Monday, October 4, 2010

Religion and Reason

There exists a climate these days, nothing new mind you, in which people will often call into question the religious beliefs of another.I have no problem with critically exploring religious beliefs, but more often than not the kind of attitude I am speaking about is based on little more than a knee jerk reaction. Often this reaction is built upon a very shallow understanding of some aspect of that religion. If this sounds familiar, wait until I've finished the rest of my intro; because this is not an attitude which is found only among the "usual suspects." No in this case those who often criticize the fundamentalist's intolerance, are found in their company when confronted with a religion that is too "out there". Religious tolerance it seems is a fickle thing, even among those who claim to defend it.

My favourite "whipping boy" in this case is Scientology. You will notice that I did not use a $ sign to replace the S, but it happens more often than not. I am, of course, not a Scientologist; nor do I ascribe to any of their beliefs even in the slightest. I am also critical of the structure of their religious organization, the Church of Scientology. Though unknown to most people, there are many Scientologists who are not members of the Church; so called "Free Zone" Scientologists. I can accept, and in fact share, most of the criticisms of the CoS, however I may differ from most in not finding anything particularly odd about their beliefs.

I mean really think about it, how odd are their beliefs compared to any number of world religions? Judaism; why they pray to an invisible sky man, who revealed his universal wisdom by turning into a burning bush, seen by one guy. Christianity; well they worship the same sky man, but also his zombie son; many of them do this through ritualistic cannibalism. Islam; same sky man, but this time revealed to a guy in a cave who ended up having a lot of wives. Hinduism; a million gods who are all the same god, but then you're not even you, but we. Buddhism: try to emulate a Indian prince who decided poverty was awesome, and owning things is the root of all evil; they seek enlightenment by thinking about weird things.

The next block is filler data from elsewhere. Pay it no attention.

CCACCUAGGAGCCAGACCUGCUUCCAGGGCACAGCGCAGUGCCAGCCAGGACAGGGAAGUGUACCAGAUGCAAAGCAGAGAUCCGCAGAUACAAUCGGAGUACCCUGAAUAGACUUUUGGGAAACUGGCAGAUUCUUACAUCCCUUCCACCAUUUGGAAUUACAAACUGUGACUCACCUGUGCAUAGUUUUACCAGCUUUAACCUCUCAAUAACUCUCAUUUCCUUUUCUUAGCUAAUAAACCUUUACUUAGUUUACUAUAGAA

Part of my point is that anything can be made to sound ridiculous or terrible if you word it the right way, and focus on some detail, taken out of context. Many people would dismiss my points as shallow, erroneous and mischaracterizations of their religious traditions, and they would be right because they are. However there remains a kernel of truth in each statement, skewed as they may be. So people are also willing to ignore, or explain away the odd things which may exist in their traditions, but are not willing to extend that to others, especially minority religions.

Aside from this is a notion of efficacy, or reasonableness. I will provide a short comparison, between one of the oldest forms of religion, animism, and the default in the West, Christianity. From the Christian perspective, worshiping rocks, trees, rivers and mountains is the height of primitiveness; ignorant, superstitious and backwards. Why worship some dirt and pebbles, when you can pray to the supreme creator of the universe, and his son who died to give you the gift of immortality in the life to come? Well from an objective standpoint, it is the Christian, and not the animist, who hasn't got a leg to stand on. While one can not prove that rocks, trees, rivers and mountains have spirits, it can be proven that they exist. The Christian god on the other hand can not.

The practical effects of the objects of worship for the animist are tangible and far more influential than those of the Christian. A tree for example, can provide shelter from the elements, protection from predators, fuel for a fire, sticks to make tools, fruit to sustain you. The Christian god can not provide shelter, protection, fuel, tools or food, except in abstract or symbolic ways. Is it not eminently more sensible, since there are objective material benefits, to give praise and thanks to the objects which allow you to survive, rather than some disembodied sky man? Why then is animism held to be primitive or superstitious, when it is so much more practical than many so called modern religions? Little more than special pleading, or appeal to authority.


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